Transcript: Sen. John McCain on the Gang of Eight’s comprehensive immigration reform bill
Partial transcript of remarks by Sen. John McCain (R-Ariz.) on the Gang of Eight’s immigration reform bill “Border Security, Economic Opportunity, and Immigration Modernization Act”. The press briefing was held on April 18, 2013:
I want to obviously express my deep appreciation to all of my seven colleagues. It is well known in the Senate that I’m not the easiest guy to get along with. But I must say they’ve put up with my tantrums and they’ve put up with a lot and I want to say thank you to all of you for really doing something that America deserves.
To paraphrase Churchill – this is not the end of the process but it’s the end of the beginning. There’s a long and difficult road ahead – committee hearings, mark-ups full and open, amendments will be offered to the bill – some will be intended to improve it; some will be offered in the hope of killing it.
None of us expect the bill the Senate ultimately votes on to be identical to the one that we introduced today. But we’re all united in our determination that it is at the end of the day that it remains a fair, comprehensive practical solution to a difficult problem that most Americans can support and that stands a good chance of passing the House and being signed into law by the President of the United States.
The legislation isn’t perfect. There are provisions most – if not, all – Senators can support. Some will appeal more to one side than the other. No one will like every provision in the bill. Neither should anyone oppose every provision.
The legislation we’re offering is a comprehensive and workable solution to our broken immigration system that piecemeal responses have not and cannot repair.
The status quo threatens our security, damages our economy, disregards the rule of law, and neglects our humanitarian responsibilities.
A problem of that magnitude that affects so many of our interests will never be easy to address but never more necessary to address either, and its resolution cannot be achieved by means other than political compromise and consensus and the resolve to not make the perfect be the enemy of the good, and that’s what we have tried to do.
We’ve agreed on provisions to regain control of our borders and protect the safety of communities along the border and the security of our nation.
We’ve addressed the labor needs of a growing and global competitive economy with a workable guest worker policy and sensible expansion of the H1-B visa program.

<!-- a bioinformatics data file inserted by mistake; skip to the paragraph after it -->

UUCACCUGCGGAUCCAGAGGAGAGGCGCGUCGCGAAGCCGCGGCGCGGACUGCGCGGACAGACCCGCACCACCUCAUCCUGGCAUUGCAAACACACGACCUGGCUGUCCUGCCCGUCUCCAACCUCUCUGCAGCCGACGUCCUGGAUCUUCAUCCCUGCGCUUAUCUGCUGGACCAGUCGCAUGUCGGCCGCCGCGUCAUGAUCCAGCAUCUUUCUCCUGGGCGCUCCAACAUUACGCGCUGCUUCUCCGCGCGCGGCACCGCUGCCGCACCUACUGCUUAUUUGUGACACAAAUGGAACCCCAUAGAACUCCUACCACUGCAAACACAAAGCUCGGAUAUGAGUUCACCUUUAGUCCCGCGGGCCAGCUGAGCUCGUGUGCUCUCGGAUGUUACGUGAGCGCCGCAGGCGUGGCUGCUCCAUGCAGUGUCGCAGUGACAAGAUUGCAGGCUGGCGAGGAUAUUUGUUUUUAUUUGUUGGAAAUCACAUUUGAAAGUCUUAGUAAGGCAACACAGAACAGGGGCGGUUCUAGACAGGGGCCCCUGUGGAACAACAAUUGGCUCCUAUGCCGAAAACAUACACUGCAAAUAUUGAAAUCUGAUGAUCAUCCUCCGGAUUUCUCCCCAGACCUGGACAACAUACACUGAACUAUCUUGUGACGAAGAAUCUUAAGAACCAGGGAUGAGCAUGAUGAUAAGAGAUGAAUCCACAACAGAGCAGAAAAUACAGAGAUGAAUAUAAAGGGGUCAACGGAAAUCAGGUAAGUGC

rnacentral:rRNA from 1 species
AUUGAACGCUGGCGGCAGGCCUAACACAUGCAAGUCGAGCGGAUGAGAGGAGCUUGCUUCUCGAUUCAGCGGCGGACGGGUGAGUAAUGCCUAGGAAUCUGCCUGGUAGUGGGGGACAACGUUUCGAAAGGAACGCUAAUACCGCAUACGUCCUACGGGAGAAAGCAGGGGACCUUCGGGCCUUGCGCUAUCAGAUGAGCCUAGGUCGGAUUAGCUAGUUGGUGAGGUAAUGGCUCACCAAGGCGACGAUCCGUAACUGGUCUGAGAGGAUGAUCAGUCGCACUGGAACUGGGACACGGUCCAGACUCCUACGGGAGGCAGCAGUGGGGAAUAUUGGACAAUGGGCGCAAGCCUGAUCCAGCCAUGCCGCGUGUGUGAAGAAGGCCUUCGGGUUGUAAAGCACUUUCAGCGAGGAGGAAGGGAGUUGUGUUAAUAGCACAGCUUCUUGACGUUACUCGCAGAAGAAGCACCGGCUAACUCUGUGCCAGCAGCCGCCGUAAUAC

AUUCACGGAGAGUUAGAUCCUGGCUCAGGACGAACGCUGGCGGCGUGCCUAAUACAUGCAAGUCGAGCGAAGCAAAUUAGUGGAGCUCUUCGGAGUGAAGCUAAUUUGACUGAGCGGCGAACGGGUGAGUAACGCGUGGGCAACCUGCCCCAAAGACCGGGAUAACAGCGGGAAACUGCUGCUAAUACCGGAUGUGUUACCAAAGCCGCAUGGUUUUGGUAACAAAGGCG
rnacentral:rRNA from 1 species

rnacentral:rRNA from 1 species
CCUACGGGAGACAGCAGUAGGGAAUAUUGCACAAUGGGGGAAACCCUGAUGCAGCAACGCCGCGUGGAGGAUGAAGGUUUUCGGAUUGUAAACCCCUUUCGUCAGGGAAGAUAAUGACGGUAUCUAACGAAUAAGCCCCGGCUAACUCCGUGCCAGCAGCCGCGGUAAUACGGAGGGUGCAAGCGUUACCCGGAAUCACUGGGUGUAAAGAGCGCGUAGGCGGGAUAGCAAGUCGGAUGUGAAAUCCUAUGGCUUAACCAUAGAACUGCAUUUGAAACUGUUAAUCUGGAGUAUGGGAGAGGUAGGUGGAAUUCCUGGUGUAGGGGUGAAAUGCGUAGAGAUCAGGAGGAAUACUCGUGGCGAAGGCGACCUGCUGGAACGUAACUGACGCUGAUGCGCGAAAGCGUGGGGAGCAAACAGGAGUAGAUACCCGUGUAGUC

We’ve enforced the rule of law by making it more difficult for employers to hire people who’ve come here illegally.
We’ve confronted the reality of de-facto amnesty for the 11 million or more people who came here illegally by proposing a lengthy path to citizenship that doesn’t place lawful immigrants at a disadvantage and is contingent on doing everything possible to make our border secure and discourage future waves of illegal immigration.
Finally, we have recognized that most people who cross our border illegally or overstay their visas have done so for the same reasons that attracted other immigrants here – to find economic opportunity and a better life for their families and to live in a society that values human dignity.
We cannot sanction their violation of our immigration laws neither can we continue to have people desperate for a better life be exploited by unscrupulous human traffickers, abused by violent criminals, and left to die in our deserts.
Yes, we offer a path to citizenship to people who didn’t come here legally. They’re here and realistically there is nothing we can do that will induce them all to return to their countries of origin. Many of them make valuable contributions to our society and will provide even more if they’re brought out of the shadows and in compliance with our laws.
And we are a nation with a conscience that can’t tolerate the terrible violations of human rights that our current dysfunction immigration system is unable to prevent.
As I said, it’s a lengthy path that doesn’t precedes securing our borders or the enforcement of our laws or supplant the privileges of legal immigrants. We have tried to make it easier to work here legally and harder to do so illegally.
We have done our best to resolve the many different parts of this complicated problem. We expect and welcome suggested improvements to this bill by our colleagues during the debate and amendment process. We’ll oppose only those amendments that are intended to prevent a comprehensive solution from passing and thereby perpetuate our current failed immigration system.
There is no greater satisfaction in this job than in working with members from both parties in a good faith effort to serve the nation’s interests. I thank my colleagues here for the privilege.
- WhatTheFolly.com: Transcript: Sen. Chuck Schumer on the Gang of Eight’s comprehensive immigration reform bill
- WhatTheFolly.com: Transcript: Sen. John McCain on the Gang of Eight’s comprehensive immigration reform bill
- WhatTheFolly.com: Transcript: Sen. Dick Durbin on the Gang of Eight’s comprehensive immigration reform bill
- WhatTheFolly.com: Transcript: Sen. Lindsey Graham on the Gang of Eight’s comprehensive immigration reform bill
- WhatTheFolly.com: Transcript: Sen. Robert Menendez on the Gang of Eight’s comprehensive immigration reform bill
- WhatTheFolly.com: Transcript: Sen. Marco Rubio on the Gang of Eight’s comprehensive immigration reform bill
- WhatTheFolly.com: Transcript: Sen. Jeff Flake on the Gang of Eight’s comprehensive immigration reform bill
- WhatTheFolly.com: Transcript: Press briefing Q&A on the Gang of Eight’s comprehensive immigration reform bill
- C-Span.org: Video of press briefing on the Gang of Eight’s immigration reform on April 18, 2013